Understanding how another person may be feeling in a given situation helps children be able to respond with care and kindness. This activity will help student identify different emotions that their classmates will act out.
Students Will: act out different emotions; use clues to identify others’ emotions.
Materials: chalkboard, white board, or smartboard; slips of paper (optional); Empathy poster
Begin by talking with the group about the importance of recognizing other people’s feelings. Invite discussion with these sample questions:
- Raise your hand if you can tell when another person is happy? How about when another person is mad? Scared?
- What are the clues that help you figure out what the other person is feeling?
Explain that we can tell a lot about how someone is feeling through their body language and facial expressions, without hearing them talk. In this game of Feelings Charades, just like regular charades, the actor cannot talk. One student will act out an emotion word, and the rest of the group will guess the emotion.
Mini Game Directions:
- Invite students to come up with a list of different feeling words, and write them on the board. Try to have about the same number of enjoyable feelings (i.e. happy, excited) as uncomfortable feelings (i.e. frustrated, confused). Demonstrate how to act out one of the emotion words, and have the group guess.
- Ask a student to come to the front of the room and select one of the feeling words that is listed on the board. That child will then face the other group members and act out the emotion using facial and body expressions, while the other children try to guess which feeling it is. The child that correctly guesses the feeling will get to go next. (You may want to have students raise their hands to guess rather than calling out.)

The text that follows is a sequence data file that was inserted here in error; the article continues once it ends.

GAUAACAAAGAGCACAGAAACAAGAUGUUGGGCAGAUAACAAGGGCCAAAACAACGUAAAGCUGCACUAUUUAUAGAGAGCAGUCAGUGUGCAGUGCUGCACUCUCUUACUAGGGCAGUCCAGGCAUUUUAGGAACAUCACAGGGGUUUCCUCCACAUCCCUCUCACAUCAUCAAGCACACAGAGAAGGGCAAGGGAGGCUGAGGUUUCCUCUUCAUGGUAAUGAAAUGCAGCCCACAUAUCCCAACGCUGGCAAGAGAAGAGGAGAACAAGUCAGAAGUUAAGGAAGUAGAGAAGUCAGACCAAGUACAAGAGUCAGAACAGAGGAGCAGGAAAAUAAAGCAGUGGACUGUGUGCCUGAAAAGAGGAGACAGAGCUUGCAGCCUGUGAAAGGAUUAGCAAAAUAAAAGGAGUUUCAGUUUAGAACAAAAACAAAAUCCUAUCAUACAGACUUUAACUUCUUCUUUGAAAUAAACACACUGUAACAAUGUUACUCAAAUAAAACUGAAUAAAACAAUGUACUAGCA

- Put a check mark next to each word as it is used, and continue playing until all the words in the list have been acted out, or as many fit in your time frame.
After completing a game of Feelings Charades, help students reflect on the activity by discussing some of the following questions:
- What cues did you use to guess what another person was feeling during the game?
- If it was easy at times, what helped make it easy? What made it challenging?”
Help children realize that it can be difficult to know what another person is feeling, especially when we don’t know the other person that well, or when that person is experiencing multiple emotions at the same time. Encourage students not to jump to a conclusion about someone else’s feelings. Explain that we can make educated guesses like we did in the game, but the best way to know and understand another person’s feelings is to ask him or her. Suggest the following responses.
“It seems like you may be feeling… , would you like to talk about it?”
Remind students that it is okay if the other person does not want to talk about their emotions, and that, as friends, we should respect that decision. Offer this suggested response for that situation:
“Okay, I understand. If you change your mind, just let me know.”
The goal is to communicate support and understanding.
Explain that understanding how another person is feeling is called empathy, and when we express empathy toward other people, we are showing that we care about them.
Hang the empathy poster in your classroom after this lesson for students’ future reference.
In this activity, students will become social detectives, observing people’s body language and facial expressions in public spaces to figure out how they may be feeling.